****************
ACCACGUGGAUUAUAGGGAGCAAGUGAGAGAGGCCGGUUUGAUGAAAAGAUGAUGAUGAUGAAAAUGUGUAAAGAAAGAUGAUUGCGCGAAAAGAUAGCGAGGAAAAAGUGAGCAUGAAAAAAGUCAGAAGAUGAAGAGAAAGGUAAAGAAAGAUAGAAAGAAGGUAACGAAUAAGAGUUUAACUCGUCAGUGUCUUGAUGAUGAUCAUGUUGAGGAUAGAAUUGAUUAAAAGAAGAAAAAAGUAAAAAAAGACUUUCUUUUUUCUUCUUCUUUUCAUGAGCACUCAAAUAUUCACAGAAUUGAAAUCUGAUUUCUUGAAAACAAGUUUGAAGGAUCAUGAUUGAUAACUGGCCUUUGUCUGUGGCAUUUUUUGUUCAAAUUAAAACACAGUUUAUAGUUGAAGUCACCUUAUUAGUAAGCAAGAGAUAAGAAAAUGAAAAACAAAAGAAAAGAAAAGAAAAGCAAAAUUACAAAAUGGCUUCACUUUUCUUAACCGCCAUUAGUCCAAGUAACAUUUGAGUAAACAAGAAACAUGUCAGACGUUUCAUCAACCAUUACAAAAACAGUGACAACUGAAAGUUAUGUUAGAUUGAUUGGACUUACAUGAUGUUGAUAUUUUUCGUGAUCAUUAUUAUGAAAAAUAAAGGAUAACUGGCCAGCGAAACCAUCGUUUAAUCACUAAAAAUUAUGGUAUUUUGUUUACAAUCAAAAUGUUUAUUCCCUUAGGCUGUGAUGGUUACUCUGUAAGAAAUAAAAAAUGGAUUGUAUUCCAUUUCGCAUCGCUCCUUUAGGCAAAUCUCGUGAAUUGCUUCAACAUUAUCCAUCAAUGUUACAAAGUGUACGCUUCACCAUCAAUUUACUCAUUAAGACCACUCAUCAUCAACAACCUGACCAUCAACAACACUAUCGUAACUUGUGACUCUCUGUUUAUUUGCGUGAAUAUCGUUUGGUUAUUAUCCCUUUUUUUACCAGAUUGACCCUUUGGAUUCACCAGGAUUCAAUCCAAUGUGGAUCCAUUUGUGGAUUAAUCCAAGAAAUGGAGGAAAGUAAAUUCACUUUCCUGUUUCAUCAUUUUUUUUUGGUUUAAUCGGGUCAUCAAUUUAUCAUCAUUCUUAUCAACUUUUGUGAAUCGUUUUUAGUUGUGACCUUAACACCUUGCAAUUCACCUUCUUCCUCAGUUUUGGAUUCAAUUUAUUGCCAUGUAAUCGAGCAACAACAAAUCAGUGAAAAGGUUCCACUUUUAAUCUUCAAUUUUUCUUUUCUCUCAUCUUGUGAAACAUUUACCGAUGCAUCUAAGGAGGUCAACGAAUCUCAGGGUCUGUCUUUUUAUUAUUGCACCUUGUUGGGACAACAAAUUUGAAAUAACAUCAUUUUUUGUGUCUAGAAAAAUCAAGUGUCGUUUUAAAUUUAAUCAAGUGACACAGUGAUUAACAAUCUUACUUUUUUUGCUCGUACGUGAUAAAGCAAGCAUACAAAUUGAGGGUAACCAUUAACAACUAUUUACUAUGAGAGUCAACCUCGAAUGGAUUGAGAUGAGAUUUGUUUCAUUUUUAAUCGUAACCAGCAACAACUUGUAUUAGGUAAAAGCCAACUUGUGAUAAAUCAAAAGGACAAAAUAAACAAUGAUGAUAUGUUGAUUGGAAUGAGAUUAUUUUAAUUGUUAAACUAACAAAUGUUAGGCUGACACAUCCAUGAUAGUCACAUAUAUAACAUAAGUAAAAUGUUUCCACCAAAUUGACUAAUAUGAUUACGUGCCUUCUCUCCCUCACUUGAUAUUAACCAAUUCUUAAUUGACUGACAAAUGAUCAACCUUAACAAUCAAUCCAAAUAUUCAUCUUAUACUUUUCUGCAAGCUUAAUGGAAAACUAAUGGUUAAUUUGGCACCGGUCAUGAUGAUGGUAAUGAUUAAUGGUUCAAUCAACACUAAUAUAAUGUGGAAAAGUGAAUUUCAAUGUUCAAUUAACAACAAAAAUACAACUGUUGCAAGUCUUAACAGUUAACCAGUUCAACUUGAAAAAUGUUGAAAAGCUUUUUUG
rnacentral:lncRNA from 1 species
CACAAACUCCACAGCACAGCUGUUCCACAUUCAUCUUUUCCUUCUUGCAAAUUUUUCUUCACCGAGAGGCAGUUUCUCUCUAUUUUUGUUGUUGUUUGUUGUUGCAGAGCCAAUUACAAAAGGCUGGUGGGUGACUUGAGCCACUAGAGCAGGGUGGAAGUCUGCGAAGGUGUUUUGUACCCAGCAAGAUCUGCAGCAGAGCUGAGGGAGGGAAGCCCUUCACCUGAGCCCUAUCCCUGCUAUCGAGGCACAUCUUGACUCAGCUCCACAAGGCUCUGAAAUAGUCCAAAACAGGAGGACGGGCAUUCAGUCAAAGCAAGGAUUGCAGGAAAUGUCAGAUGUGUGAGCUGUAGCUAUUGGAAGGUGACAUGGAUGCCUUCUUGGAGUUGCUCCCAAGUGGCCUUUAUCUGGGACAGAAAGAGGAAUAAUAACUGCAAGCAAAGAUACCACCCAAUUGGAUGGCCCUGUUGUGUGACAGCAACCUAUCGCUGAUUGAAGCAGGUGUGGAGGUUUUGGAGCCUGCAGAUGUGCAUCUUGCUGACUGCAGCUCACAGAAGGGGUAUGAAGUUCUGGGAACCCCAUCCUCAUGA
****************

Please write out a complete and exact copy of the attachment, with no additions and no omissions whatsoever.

ACCACGUGGAUUAUAGGGAGCAAGUGAGAGAGGCCGGUUUGAUGAAAAGAUGAUGAUGAUGAAAAUGUGUAAAGAAAGAUGAUUGCGCGAAAAGAUAGCGAGGAAAAAGUGAGCAUGAAAAAAGUCAGAAGAUGAAGAGAAAGGUAAAGAAAGAUAGAAAGAAGGUAACGAAUAAGAGUUUAACUCGUCAGUGUCUUGAUGAUGAUCAUGUUGAGGAUAGAAUUGAUUAAAAGAAGAAAAAAGUAAAAAAAGACUUUCUUUUUUCUUCUUCUUUUCAUGAGCACUCAAAUAUUCACAGAAUUGAAAUCUGAUUUCUUGAAAACAAGUUUGAAGGAUCAUGAUUGAUAACUGGCCUUUGUCUGUGGCAUUUUUUGUUCAAAUUAAAACACAGUUUAUAGUUGAAGUCACCUUAUUAGUAAGCAAGAGAUAAGAAAAUGAAAAACAAAAGAAAAGAAAAGAAAAGCAAAAUUACAAAAUGGCUUCACUUUUCUUAACCGCCAUUAGUCCAAGUAACAUUUGAGUAAACAAGAAACAUGUCAGACGUUUCAUCAACCAUUACAAAAACAGUGACAACUGAAAGUUAUGUUAGAUUGAUUGGACUUACAUGAUGUUGAUAUUUUUCGUGAUCAUUAUUAUGAAAAAUAAAGGAUAACUGGCCAGCGAAACCAUCGUUUAAUCACUAAAAAUUAUGGUAUUUUGUUUACAAUCAAAAUGUUUAUUCCCUUAGGCUGUGAUGGUUACUCUGUAAGAAAUAAAAAAUGGAUUGUAUUCCAUUUCGCAUCGCUCCUUUAGGCAAAUCUCGUGAAUUGCUUCAACAUUAUCCAUCAAUGUUACAAAGUGUACGCUUCACCAUCAAUUUACUCAUUAAGACCACUCAUCAUCAACAACCUGACCAUCAACAACACUAUCGUAACUUGUGACUCUCUGUUUAUUUGCGUGAAUAUCGUUUGGUUAUUAUCCCUUUUUUUACCAGAUUGACCCUUUGGAUUCACCAGGAUUCAAUCCAAUGUGGAUCCAUUUGUGGAUUAAUCCAAGAAAUGGAGGAAAGUAAAUUCACUUUCCUGUUUCAUCAUUUUUUUUUGGUUUAAUCGGGUCAUCAAUUUAUCAUCAUUCUUAUCAACUUUUGUGAAUCGUUUUUAGUUGUGACCUUAACACCUUGCAAUUCACCUUCUUCCUCAGUUUUGGAUUCAAUUUAUUGCCAUGUAAUCGAGCAACAACAAAUCAGUGAAAAGGUUCCACUUUUAAUCUUCAAUUUUUCUUUUCUCUCAUCUUGUGAAACAUUUACCGAUGCAUCUAAGGAGGUCAACGAAUCUCAGGGUCUGUCUUUUUAUUAUUGCACCUUGUUGGGACAACAAAUUUGAAAUAACAUCAUUUUUUGUGUCUAGAAAAAUCAAGUGUCGUUUUAAAUUUAAUCAAGUGACACAGUGAUUAACAAUCUUACUUUUUUUGCUCGUACGUGAUAAAGCAAGCAUACAAAUUGAGGGUAACCAUUAACAACUAUUUACUAUGAGAGUCAACCUCGAAUGGAUUGAGAUGAGAUUUGUUUCAUUUUUAAUCGUAACCAGCAACAACUUGUAUUAGGUAAAAGCCAACUUGUGAUAAAUCAAAAGGACAAAAUAAACAAUGAUGAUAUGUUGAUUGGAAUGAGAUUAUUUUAAUUGUUAAACUAACAAAUGUUAGGCUGACACAUCCAUGAUAGUCACAUAUAUAACAUAAGUAAAAUGUUUCCACCAAAUUGACUAAUAUGAUUACGUGCCUUCUCUCCCUCACUUGAUAUUAACCAAUUCUUAAUUGACUGACAAAUGAUCAACCUUAACAAUCAAUCCAAAUAUUCAUCUUAUACUUUUCUGCAAGCUUAAUGGAAAACUAAUGGUUAAUUUGGCACCGGUCAUGAUGAUGGUAAUGAUUAAUGGUUCAAUCAACACUAAUAUAAUGUGGAAAAGUGAAUUUCAAUGUUCAAUUAACAACAAAAAUACAACUGUUGCAAGUCUUAACAGUUAACCAGUUCAACUUGAAAAAUGUUGAAAAGCUUUUUUG
rnacentral:lncRNA from 1 species
CACAAACUCCACAGCACAGCUGUUCCACAUUCAUCUUUUCCUUCUUGCAAAUUUUUCUUCACCGAGAGGCAGUUUCUCUCUAUUUUUGUUGUUGUUUGUUGUUGCAGAGCCAAUUACAAAAGGCUGGUGGGUGACUUGAGCCACUAGAGCAGGGUGGAAGUCUGCGAAGGUGUUUUGUACCCAGCAAGAUCUGCAGCAGAGCUGAGGGAGGGAAGCCCUUCACCUGAGCCCUAUCCCUGCUAUCGAGGCACAUCUUGACUCAGCUCCACAAGGCUCUGAAAUAGUCCAAAACAGGAGGACGGGCAUUCAGUCAAAGCAAGGAUUGCAGGAAAUGUCAGAUGUGUGAGCUGUAGCUAUUGGAAGGUGACAUGGAUGCCUUCUUGGAGUUGCUCCCAAGUGGCCUUUAUCUGGGACAGAAAGAGGAAUAAUAACUGCAAGCAAAGAUACCACCCAAUUGGAUGGCCCUGUUGUGUGACAGCAACCUAUCGCUGAUUGAAGCAGGUGUGGAGGUUUUGGAGCCUGCAGAUGUGCAUCUUGCUGACUGCAGCUCACAGAAGGGGUAUGAAGUUCUGGGAACCCCAUCCUCAUGA